That is an issue with Android. The fragmentation of the code base between manufacturers who don't provide an upgrade path is a real bind. And MS s behaving similarly; Lumias on WP7 aren't getting an upgrade to 8.
Re: Career change? - the future is web shaped.
I'm starting to seriously consider moving my skill set to storage and networks. I think desktops will be declining rather significantly over the next 10 years.
>Which sounds like a logical argument until you realise that the only official way to use an iAnything is through purchasing from Apple's store, where they take a pretty cut from the revenue.
Not true. I have iDevices, but very rarely buy anything from the Apple stores. Apps are usually free, and music and video are sourced, converted and loaded though other channels.
I've been using iTunes on Mac OS since the very beginning, and it's slowly become more and more unwieldy. I honestly believe that it's time to give the whole thing a serious redesign, preferably breaking it in to three separate apps.
1. Apple Media Store. The front end app store for buying all the stuff Apple so desperately wants to sell us.
2. iDevice Manager. Where we can load any media from the database(s) into the iDevice of your preference. This could also hook in to iPhoto and whatever other repositories exist in your file system.
3. iTunes. The database manager app that (shock!) just plays stuff, but does it very well and with minimum overheads.
The resources that iTunes currently needs for just playing a song is, quite frankly, daft. Apple has a perfectly adequate media player in Quicktime, but it never gets opened, just because iTunes wants to be the front end for everything.
Not particularly surprising. The Mini is a direct competitor, but the compromises made to make it viable, like the same pixel count as the iPad2, also screw it over. Those compromises are the exact reason Jobs didn't rate the idea of a SFF tablet. Of course, Amazon can charge whatever the heck it likes, as they really don't care about making a profit on hardware. Sales only mean more people buying content, whereas the iPad Mini has justify its existence.
The only real question remaining is; Will they blend? (The Fire, probably, the Mini not so much)
It's quite simple really. The USPTO takes their fee, looks at the forms, makes sure it's all filled in correctly and rubber stamps it. They aren't technical and certainly aren't qualified to make judgements on validity and prior art. That's what the courts are for.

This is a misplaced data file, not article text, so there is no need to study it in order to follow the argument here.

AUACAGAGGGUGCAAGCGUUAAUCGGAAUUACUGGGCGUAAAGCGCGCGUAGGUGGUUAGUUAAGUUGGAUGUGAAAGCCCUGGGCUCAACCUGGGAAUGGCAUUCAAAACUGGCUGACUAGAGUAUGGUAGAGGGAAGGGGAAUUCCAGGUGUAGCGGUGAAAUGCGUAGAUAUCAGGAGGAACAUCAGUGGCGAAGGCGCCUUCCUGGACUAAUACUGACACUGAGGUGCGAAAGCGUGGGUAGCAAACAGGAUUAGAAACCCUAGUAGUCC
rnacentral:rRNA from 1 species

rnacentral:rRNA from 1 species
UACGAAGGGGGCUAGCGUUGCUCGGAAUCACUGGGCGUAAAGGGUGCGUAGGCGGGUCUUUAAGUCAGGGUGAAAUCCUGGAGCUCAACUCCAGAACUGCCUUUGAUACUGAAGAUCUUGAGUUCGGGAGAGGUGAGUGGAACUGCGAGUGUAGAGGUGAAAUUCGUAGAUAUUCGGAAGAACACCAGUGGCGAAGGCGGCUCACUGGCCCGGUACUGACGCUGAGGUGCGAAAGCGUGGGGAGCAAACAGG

Meanwhile, the courts are of the opinion that the USPTO wouldn't grant the application without good cause, so they consider everything to be above board unless someone can convince them otherwise. Enter the scum-munching bottom-feeding patent lawyers who's opinion is for sale to the highest bidder.
Of course, this system works very well. After all, lots of patents are filed, so they must be useful, right?
Re: I wouldn't exactly call the new app "better"
indeed. The new app looks exceedingly sucky on an iPad screen. I actually liked the older app. OK, it wasn't brilliant, but the UI worked really well, and it was easy to find and watch the stuff you wanted. Neither the mobile site or the new app look or behave as much like the full site as the old one did.
Re: Simple solution
Nice, but they should write to every person that connects to that box and inform them that, because of the objection raised by Mr. Dawlish at no.7, their bill will be an extra £15 per month forever.
See how many objections they get then!
Re: Do consumers really use it that much on any platform?
Adobe Creative Suite requires Java. Which means that I have to have it on the Mac at home, as the LSOH occasionally does work from home.
Re: Where are the admin tools?!
Not what he asked. "We" want to be able to install as GUI-less Core, but still be able to run RSAT from "our" desktops. Y'know, remotely? Isn't that the point of Remote Tools; that they plug straight in to the command line, without using the command line?
@Ken, Re: Percentages - who cares?
By your own logic, the verdict of the accountancy dept is that some flavour of Windows is the most cost effective OS for the job in 90% of cases. I'd say that counts as "news" for a tech site.
Re: The flip side is for many people...
What'd be nicer would be an option in the installer that lets you make choices. OSX has a limited one, where you can choose not to install some language packs, or printer drivers that you'll never need. I'd like to see more choice, so you can really tailor the install to your needs.
With post-install slimming, my core OS was under 3GB, rather than the 7GB for a basic one. And that could have gone lower.
You may want to actually get some facts, or better still experience of supporting Macs alongside Windows, to form your opinions on.
Yes, the individual machines are more expensive for the initial purchase. But because; the Server is set price for unlimited seats (even in the old days when it was £500), the Macs tend to last longer due to better build quality and finally, support calls tend to be fewer, means that the TCO is better.
Even if the business doesn't invest in dedicated technician staff (and few do), there are plenty of Support Providers who will cover the hardware.
I've seen Macs deployed "in force", i.e. from 15-500, at firms specialising in art, law, design, public utilities, architecture, publishing, advertising and even High St retail. Whether it's just a few desks or 500, Mac support teams are ALWAYS smaller than their Windows counterparts, on a per user basis.
Re: Enterprises expensive loss?